This was seriously fun, everyone.  I may have to do this again the next time we go on holiday somewhere new -- which, sadly, likely won't be for a while.  The good news, however, is that we've made some great memories on this one to sustain me for some time (also:  that's one island from life list item number 73 down, 19 more islands to go).

On that note, have a great week ahead, folks. 

(P.S. -- Don't forget:  a mere 3 days remain for you to get your images and words of peace to me for that photobomb that we're planning to fight hate.  I've received tons of your photographs already -- I hope you'll send me a few more!)

 

Images:  All images photographed with my old Nikon D200, and various lenses.

 

SongJaleo by Ricky Martin, one of Puerto Rico's native sons.  Listening to this song while looking at the photos above takes me right back to San Juan.

clue #5: where's walrond?

And finally (despite the fact that we had on winner on the second day!), clue number 5.  This photograph is taken at arguably the most famous landmark of this particular city: similar images adorn postcards that you may have even received from friends when they visited (and if you have really good eyes, you might even notice the flag of this particular place flying on the rampart in the distance).  In fact, some of you may even live in this city.  Does this picture confirm your guess?

In other news, we're headed back to Houston today.  Thanks so much for playing along this week!  If you're still not sure where this is, I'll reveal our holiday destination on Monday, as well as announce the official winner and share some more images.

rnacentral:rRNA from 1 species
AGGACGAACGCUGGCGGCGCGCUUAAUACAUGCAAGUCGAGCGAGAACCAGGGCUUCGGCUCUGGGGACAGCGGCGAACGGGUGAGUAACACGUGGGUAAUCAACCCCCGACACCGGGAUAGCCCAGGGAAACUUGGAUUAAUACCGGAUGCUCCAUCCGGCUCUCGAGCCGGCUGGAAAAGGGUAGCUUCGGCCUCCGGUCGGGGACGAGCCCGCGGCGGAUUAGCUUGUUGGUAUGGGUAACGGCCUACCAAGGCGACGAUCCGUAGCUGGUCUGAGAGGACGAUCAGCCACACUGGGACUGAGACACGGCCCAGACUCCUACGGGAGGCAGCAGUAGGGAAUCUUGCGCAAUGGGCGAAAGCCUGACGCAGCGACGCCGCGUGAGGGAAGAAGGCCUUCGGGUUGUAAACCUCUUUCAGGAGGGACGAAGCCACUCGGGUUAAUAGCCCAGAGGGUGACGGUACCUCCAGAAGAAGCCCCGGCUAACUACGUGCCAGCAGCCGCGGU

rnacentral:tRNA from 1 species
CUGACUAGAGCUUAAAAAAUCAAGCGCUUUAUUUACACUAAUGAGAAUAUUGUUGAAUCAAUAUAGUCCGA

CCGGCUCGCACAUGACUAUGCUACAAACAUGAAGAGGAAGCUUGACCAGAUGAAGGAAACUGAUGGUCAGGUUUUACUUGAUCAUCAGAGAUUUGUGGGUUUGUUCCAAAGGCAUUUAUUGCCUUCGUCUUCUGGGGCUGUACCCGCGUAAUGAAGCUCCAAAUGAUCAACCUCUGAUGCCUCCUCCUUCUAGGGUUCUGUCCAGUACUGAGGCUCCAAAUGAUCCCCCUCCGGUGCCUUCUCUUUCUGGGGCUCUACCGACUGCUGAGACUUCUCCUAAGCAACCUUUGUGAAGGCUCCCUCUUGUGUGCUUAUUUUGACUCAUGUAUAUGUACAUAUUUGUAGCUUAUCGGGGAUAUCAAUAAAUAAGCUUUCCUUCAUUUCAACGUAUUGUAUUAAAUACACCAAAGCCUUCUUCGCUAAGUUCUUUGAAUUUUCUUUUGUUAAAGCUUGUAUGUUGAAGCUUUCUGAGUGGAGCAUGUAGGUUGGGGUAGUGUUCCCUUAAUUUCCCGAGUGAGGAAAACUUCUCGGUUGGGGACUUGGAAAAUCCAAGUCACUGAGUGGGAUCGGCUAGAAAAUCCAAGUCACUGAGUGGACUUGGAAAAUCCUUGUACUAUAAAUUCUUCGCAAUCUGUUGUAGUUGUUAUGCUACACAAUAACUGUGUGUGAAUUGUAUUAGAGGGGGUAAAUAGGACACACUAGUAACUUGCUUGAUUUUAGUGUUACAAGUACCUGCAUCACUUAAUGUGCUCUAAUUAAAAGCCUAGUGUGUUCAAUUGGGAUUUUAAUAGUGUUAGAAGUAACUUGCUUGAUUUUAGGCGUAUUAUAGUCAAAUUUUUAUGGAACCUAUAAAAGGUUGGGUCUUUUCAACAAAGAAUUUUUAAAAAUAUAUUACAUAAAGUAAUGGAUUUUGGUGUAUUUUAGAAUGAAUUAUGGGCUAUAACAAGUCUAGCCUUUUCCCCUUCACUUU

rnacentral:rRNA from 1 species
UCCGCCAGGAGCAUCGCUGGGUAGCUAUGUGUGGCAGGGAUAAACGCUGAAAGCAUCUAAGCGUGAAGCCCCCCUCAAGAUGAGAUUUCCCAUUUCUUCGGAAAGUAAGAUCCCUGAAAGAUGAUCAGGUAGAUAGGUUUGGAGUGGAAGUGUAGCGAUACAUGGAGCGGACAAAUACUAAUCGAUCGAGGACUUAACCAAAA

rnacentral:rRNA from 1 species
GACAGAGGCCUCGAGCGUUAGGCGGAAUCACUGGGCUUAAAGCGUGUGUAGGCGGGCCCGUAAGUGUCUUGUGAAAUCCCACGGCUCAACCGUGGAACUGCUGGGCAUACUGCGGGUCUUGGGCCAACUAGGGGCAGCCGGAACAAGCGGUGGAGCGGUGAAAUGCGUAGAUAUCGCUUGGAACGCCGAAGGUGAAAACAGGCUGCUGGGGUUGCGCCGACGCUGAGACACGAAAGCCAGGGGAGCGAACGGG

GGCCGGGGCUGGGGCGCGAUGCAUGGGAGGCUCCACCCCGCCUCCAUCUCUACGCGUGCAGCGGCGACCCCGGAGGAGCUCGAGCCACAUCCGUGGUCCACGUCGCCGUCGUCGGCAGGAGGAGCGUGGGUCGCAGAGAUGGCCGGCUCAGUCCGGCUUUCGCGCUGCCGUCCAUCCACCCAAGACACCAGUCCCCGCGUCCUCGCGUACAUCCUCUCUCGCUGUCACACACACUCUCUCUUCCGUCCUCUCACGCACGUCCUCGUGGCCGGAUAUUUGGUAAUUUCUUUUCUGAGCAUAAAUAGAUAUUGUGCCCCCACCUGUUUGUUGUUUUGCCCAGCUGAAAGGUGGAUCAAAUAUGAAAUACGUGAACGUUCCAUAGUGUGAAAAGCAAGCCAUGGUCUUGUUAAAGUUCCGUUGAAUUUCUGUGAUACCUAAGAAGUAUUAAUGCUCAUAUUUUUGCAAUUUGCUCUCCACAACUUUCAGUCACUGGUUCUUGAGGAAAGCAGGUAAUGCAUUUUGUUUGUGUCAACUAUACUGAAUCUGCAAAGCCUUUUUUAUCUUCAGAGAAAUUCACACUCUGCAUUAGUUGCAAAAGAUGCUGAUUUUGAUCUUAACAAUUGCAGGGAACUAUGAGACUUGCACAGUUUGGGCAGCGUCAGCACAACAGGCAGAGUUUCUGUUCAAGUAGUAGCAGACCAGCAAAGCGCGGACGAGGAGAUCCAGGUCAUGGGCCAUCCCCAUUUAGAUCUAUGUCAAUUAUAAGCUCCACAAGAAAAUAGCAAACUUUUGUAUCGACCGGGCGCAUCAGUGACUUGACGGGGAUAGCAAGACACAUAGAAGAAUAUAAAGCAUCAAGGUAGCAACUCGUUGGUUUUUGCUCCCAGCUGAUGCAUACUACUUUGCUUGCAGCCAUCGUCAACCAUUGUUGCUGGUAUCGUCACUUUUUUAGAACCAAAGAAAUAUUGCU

In the meantime, have a great weekend, friends.

clue #4: where's walrond?

You're all starting to sound much more sure of your guesses.  Nice.  As I mentioned yesterday, we already have a winner -- just by looking at the flowers and the tree posted earlier this week, someone correctly guessed where we're on vacation.  Amazing.

But still, I figured there was no reason to stop the fun; and besides, I couldn't resist posting the above shot today.  Does this convince you your guess is right?

And on that note, Happy Love Thursday, everyone.  May you take some time to enjoy the people you love today.

 

(Also: Don't forget: the photobomb, the beauty of different blog and the Beauty of Different Facebook page. And I'll share the last clue of the week tomorrow.)

clue #3: where's walrond?

I'm sort of stunned:  based on a picture of beautiful flowers and one of a tree, we already have a winner -- someone has guessed the right answer!  Still, I'm sort of having a lot of fun reading your guesses, so I say we keep going before I reveal our holiday destination, don't you?

Here's clue number 3.  Can you guess which city we're in?  (And congratulations to the winner -- do you know who you are?)

 

(Also: Don't forget: the photobomb, the beauty of different blog and the Beauty of Different Facebook page. More tomorrow!)